By William Kincaid
COLDWATER -- After 30 years of pounding on heels and soles, Pete Schaefer continues as one of Mercer County's only shoe repairmen.
"I keep thinking about quitting, but people won't let me," the 68-year-old shoe repairman said. "I might just quit tomorrow, or I might go on forever."
Schaefer began his business in one of his garages on his property, 3630 state Route 118 Coldwater, in 1975 after a career in long-distance trucking. During a surgery where doctors removed a tumor from his brain, Schaefer lost vision in one of his eyes. Therefore, he had to find a new profession.
Working through Social Security services, Schaefer became interested in shoe repair. He worked as an apprentice under Kenny Bollinger -- an independent shoe repairman from Van Wert -- for six months before opening up his shop. Schaefer said that today Bollinger is "in pretty bad shape" as he suffers from Parkinson disease.
"I learned the basics and how to run the equipment," Schaefer said. He then purchased his own shoe repairing machinery from a Coldwater man who died. Schaefer said the executive of the deceased man's estate, who also was the president at a bank at the time, helped him get the needed machinery.
A majority of his work comes from shoes and boots that need repaired soles and heels. Schaefer fixes them by either hammering or cementing the new parts on the shoe with the help of his machinery. Soles and heels cost anywhere between $10 to $40 plus tax. Many times, he also has to sew damaged leather boots for customers. However, he no longer repairs rubber boots because of the hassle.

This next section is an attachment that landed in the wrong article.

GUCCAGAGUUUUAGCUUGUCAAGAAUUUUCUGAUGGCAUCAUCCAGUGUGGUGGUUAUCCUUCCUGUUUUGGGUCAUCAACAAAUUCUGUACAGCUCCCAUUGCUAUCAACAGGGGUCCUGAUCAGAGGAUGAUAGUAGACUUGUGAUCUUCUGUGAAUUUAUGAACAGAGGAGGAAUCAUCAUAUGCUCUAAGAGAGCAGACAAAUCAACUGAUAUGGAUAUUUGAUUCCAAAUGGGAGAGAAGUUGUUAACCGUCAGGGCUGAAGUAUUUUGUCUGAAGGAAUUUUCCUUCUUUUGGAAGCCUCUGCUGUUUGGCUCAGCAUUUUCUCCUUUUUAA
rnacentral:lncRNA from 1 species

"It all depends on the shoe and what they (the customers) want," he said.
Schaefer also does other work. He can repair baseball mitts, zippers and even horse saddles. Throughout the year, he volunteers his time to the Center for Neurological Development in Burkettsville by sewing various projects.
"They have special kinds of shoes," he said. "I have to put velcro on for them."
He also works with his next door neighbor, Urban Buening, sewing rosary and tool bags.
Schaefer said he stays very busy all year, as business has remained constant over the years. Almost too busy.
"I have as much to do as I want to do," he said.
There's only been a few days when he's shut his door, due to health problems with his back and blood. Recently in August, Schaefer closed for a couple of weeks after his wife Dorothy died in an automobile accident west of Celina.
In the last few years, Schaefer has devoted much of his time to the restoration and repair of tractors and tractor engines. Inside one of his other garages sits a fully restored 1951 John Deere B tractor, which took him three years to complete. When he purchased it, Schaefer said it was terribly rusted with a damaged engine and a busted head gasket.
During the Coldwater Community Picnic this year he drove his brightly painted tractor in the parade. He also had a 1926 John Deere engine displayed at the New Idea exhibition at the festival. He recently purchased a 1931 New idea to work on during the winter.
Schaefer said he is very happy to have a good family and neighbors. Regularly, his grandchildren visit him from Tipp City.
And as he continues his shoe repair work, his business mantra still exists today, "If the shoe fits, wear it and repair it."